Last week I wrote to you about holding on to the magic that makes you special as a teacher. It is your magic that keeps your students engaged. It is one of the keys to avoiding burnout (at least it can make the burnout take longer). It is what you live for as a teacher when your students minds are blown and they are left with the “aha” moments of learning that stick with them for the rest of their lives.
Yes, your personal magic is pretty important, and you better hang on to it for dear teaching life!
How do you tap into your personal teaching magic and how do you develop it deeper and create more?
As far as the magic that you already contain in the classroom goes, I can’t really help you from here. You have to reflect and think about what it is that the students latch on to and help them connect with you. Is it you dynamic story-telling? Is it how you build relationships? Is it how you know just what to say to make someone feel better about life? Is it how you connect with students that no one else can? Is it how you can make the most mundane and boring subjects come to life? I don’t know, but you can find out if you aren’t sure.
Talk to students.
Take a survey.
Ask other teachers what they hear from students about you.
You may not always like what you hear, but you might be surprised on what you find out students like about you. What they like is probably tied to your magical side.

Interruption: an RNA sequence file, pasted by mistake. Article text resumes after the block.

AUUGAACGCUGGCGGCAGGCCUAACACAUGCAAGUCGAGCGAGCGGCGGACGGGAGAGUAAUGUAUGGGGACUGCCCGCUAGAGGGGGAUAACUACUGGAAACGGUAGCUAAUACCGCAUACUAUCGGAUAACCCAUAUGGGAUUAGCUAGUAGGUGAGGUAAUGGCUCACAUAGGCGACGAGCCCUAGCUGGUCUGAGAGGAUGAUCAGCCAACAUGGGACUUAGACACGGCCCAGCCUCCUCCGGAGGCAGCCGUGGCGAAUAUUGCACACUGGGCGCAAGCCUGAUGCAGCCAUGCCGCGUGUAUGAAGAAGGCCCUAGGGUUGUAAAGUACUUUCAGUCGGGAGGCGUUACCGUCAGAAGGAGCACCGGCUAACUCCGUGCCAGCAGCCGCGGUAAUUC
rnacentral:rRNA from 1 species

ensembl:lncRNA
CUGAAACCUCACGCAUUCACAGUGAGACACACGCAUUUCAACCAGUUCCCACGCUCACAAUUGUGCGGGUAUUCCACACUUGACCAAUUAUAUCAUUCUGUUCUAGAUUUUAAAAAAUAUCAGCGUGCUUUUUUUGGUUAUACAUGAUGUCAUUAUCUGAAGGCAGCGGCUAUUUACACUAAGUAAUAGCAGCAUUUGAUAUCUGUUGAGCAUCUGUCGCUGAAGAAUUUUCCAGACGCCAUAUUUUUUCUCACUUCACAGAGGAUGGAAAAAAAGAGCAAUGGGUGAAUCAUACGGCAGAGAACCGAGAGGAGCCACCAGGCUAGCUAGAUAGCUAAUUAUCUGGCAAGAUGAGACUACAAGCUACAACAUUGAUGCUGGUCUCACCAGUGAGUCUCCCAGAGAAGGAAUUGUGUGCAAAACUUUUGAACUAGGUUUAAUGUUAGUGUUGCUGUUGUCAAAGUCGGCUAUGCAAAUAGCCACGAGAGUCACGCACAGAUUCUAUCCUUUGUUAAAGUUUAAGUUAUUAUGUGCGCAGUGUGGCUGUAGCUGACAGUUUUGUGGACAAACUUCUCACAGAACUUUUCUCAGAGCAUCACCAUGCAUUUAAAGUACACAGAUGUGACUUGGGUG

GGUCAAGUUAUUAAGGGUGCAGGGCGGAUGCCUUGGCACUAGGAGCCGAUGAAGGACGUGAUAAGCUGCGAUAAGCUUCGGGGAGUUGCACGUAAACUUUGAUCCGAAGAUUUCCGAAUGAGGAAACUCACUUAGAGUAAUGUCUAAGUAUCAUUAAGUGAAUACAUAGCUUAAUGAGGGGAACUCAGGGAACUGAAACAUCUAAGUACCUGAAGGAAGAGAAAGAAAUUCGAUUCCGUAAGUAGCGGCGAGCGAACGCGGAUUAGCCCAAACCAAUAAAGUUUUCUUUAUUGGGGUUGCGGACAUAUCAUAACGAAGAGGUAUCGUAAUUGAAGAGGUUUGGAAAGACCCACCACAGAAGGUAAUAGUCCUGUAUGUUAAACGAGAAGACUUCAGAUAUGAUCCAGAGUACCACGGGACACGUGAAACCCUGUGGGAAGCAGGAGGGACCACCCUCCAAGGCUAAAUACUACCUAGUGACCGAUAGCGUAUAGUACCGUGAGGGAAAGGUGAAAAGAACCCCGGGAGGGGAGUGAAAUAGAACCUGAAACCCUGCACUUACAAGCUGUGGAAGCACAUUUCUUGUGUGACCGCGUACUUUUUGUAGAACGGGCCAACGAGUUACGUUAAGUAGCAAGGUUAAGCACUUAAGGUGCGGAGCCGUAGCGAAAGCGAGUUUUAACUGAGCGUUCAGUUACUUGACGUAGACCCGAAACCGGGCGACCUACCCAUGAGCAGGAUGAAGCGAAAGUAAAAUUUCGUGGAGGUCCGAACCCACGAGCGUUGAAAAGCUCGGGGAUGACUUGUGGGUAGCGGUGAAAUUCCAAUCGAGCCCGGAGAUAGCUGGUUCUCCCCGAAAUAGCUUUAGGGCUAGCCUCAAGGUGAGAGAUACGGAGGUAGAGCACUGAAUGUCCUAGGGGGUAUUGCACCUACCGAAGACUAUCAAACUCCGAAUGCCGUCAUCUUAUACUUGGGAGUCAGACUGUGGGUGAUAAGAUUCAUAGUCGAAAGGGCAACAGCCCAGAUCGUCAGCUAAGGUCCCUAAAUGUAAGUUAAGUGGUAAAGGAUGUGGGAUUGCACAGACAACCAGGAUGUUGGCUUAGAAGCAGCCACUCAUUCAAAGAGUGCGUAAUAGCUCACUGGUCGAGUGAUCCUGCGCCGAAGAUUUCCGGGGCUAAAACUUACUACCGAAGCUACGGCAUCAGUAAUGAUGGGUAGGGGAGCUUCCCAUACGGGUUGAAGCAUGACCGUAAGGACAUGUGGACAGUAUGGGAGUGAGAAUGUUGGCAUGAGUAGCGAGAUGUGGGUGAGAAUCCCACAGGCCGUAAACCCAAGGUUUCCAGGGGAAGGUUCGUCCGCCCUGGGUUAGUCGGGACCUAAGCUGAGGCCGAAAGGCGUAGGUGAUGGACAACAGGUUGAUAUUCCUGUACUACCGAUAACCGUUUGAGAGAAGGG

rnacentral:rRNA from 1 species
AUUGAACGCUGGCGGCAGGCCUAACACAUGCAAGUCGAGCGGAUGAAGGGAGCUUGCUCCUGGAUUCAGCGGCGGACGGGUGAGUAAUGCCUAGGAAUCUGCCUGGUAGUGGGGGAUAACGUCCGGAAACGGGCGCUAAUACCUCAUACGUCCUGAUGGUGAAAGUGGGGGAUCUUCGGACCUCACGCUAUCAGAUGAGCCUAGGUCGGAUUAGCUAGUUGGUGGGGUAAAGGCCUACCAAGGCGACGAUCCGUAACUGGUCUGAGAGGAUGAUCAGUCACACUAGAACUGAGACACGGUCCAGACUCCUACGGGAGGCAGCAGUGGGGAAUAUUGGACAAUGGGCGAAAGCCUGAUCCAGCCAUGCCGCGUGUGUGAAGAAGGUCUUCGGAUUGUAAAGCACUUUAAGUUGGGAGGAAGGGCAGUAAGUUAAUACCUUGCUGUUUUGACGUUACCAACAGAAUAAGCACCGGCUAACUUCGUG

It can be rough sometimes, but doing the investigative work will help you find what you can build on to make the magic happen time and time again in your class.
Once you find out, then research.
Look for teachers that are good at the same things, and find out what they do and how they use their magic. Magicians learn from magicians and then make the magic their own. Teachers need to do the same.
Research online. Are there teachers and non-teachers that are good at the same brand of magic? What do they do? How do they use their magic in life and work? What makes them magical? How can you replicate and adapt that style of magic for your classroom and students?
Lastly, look for ways to personalize your magic and make it meaningful to your specific students. How can you involve them? How can you make them a part of your “show?” Can you have students share in your magic? Can they be your magician’s assistants? Can you develop some magic apprentices?
I know I am talking in vagaries right now, but that is all I can do because personal magic is, well, personal. It is different from teacher to teacher and class to class. I hope this made sense to you, even so.
I wanted to write a little about how to find more personal magic than you already know, but I think I will save that for later this week. A lot of it is tied to you and what interests you in life. I found out about something amazing this weekend that is directly tied to personal magic, but I want to make it a post all on its own. I will leave you with a link and let you make the connection to personal magic on your own until I am able to write further about it.
You are amazing. You are magical. You do reach your students. You are making a difference! I know you are…even when you don’t feel like it. Never give up and keep on teaching, Teacher!